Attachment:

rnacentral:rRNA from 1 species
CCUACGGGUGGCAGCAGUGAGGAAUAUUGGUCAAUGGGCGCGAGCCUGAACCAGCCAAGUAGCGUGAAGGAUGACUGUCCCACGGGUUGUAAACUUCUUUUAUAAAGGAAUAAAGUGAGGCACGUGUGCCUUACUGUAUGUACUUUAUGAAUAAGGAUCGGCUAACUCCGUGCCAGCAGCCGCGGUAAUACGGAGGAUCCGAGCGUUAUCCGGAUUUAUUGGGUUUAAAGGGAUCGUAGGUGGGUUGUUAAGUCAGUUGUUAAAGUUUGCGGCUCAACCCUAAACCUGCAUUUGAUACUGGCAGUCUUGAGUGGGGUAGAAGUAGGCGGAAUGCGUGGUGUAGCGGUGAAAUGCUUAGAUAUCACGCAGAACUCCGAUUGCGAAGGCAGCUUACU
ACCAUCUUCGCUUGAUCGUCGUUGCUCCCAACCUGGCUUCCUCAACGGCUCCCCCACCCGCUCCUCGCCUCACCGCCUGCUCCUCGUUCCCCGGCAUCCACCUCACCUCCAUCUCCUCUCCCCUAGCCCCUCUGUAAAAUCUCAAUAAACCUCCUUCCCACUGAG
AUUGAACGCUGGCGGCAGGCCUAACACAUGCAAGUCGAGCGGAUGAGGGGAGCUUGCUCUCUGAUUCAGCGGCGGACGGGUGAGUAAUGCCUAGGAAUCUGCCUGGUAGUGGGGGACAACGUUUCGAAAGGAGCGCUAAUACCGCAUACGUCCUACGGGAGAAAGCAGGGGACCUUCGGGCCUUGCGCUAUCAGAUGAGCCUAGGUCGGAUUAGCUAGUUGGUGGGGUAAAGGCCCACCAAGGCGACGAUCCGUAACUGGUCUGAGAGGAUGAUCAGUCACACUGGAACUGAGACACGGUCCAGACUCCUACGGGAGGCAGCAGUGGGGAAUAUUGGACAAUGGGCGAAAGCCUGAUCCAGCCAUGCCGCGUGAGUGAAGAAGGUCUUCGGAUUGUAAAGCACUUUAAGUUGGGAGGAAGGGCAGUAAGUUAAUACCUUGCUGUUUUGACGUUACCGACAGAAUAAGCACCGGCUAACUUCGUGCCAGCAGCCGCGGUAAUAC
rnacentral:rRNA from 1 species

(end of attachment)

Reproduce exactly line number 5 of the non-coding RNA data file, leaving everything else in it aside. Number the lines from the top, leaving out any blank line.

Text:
rnacentral:rRNA from 1 species